$23 Per Ticket "Convenience Charge" For Cirque du Soleil's Zarkana Tickets
Ticketmaster has set a new Broadway record for their "Convenience Charge" surcharge for Cirque du Soleil's Zarkana tickets at the Radio City Music Hall. The surcharge fees jumped dramatically from last year's $8 -$16 to this year's $13-$23, setting a new Broadway record. The amount of the surcharge is no longer a flat fee and is now directly connected to the price of the ticket; this year the $158 prime orchestra tickets are attracting the $23 surcharge.
The surcharges are only applied to patrons purchasing tickets online or over the telephone from Ticketmaster. The "in person" sales at the Radio City Music Hall Box Office, on the other hand, are not charged this additional fee. The prior two purchasing methods are often the only options for Broadway and other New York City theater patrons that cannot make it physically to the theater to purchase their Cirque du Soleil Zarkana tickets.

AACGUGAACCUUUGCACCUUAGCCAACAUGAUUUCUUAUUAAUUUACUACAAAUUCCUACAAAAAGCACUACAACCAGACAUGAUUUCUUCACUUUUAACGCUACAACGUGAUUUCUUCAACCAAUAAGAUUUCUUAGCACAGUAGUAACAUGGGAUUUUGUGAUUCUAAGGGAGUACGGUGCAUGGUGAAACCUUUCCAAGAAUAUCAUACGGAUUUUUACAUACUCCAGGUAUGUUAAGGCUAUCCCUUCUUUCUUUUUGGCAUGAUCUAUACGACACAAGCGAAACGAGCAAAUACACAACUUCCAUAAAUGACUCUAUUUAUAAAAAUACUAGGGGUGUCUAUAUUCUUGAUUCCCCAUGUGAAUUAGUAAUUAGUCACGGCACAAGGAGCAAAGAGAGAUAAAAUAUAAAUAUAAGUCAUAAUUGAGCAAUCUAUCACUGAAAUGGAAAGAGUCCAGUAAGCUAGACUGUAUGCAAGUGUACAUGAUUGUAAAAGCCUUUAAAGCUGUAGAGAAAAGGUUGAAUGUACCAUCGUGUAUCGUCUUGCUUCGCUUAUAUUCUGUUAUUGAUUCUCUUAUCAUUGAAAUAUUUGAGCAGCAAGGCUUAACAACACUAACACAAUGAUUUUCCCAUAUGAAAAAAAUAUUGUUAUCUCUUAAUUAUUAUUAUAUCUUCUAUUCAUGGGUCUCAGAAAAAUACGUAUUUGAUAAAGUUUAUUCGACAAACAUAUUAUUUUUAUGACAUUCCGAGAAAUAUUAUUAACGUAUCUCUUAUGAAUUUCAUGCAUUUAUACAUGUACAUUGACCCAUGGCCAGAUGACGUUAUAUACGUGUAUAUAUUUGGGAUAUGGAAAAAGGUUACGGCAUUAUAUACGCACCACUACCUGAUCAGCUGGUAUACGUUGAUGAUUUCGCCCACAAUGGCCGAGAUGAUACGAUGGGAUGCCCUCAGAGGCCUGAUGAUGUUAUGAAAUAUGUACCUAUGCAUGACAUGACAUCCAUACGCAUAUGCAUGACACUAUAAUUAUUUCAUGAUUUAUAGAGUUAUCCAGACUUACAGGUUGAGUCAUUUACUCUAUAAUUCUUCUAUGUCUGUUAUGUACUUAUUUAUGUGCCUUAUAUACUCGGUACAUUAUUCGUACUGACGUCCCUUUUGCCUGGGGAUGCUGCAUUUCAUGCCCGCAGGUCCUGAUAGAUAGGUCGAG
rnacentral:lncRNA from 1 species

Fees Getting Higher, Service Reducing
This means that a family of four would pay just under a hundred dollars in Ticketmaster fees, without including the price of the tickets.
Noting the unhappiness directed towards Ticketmaster over these inflated fees, they recently adopted a more transparent ticket sales model in the hopes of diffusing customer anger. Needless to say they didn't accomplish this by actually lowering their fees, but they at least stopped hiding them. Now, when you select a Broadway ticket on Ticketmaster, you immediately see the total cost, so that the surcharge doesn't come as such an unwelcome surprise just as you're about to confirm your purchase. Despite the carping by ticket buyers at the time that Ticketmaster announced this 'innovation', it was actually a pretty wise move, since customers generally react better to knowing the total cost upfront--even if the surcharges are still outrageously high.
Ticketmaster Penalizes Out-Of-Towners
This price increase by Ticketmaster essentially penalizes out-of-towners, as local New Yorkers are wise to cutting out Ticketmaster and going directly to the box office to purchase tickets. It has been said that Ticketmaster was also trying to claw back some profit from ticket brokers, who resell their tickets at a profit. But with 5,931 seats and 3 shows a day, Zarkana at the Radio City Musical Hall doesn't suffer the same abuse and manipulation from ticket brokers that a "one-off" concert or a hit Broadway show does.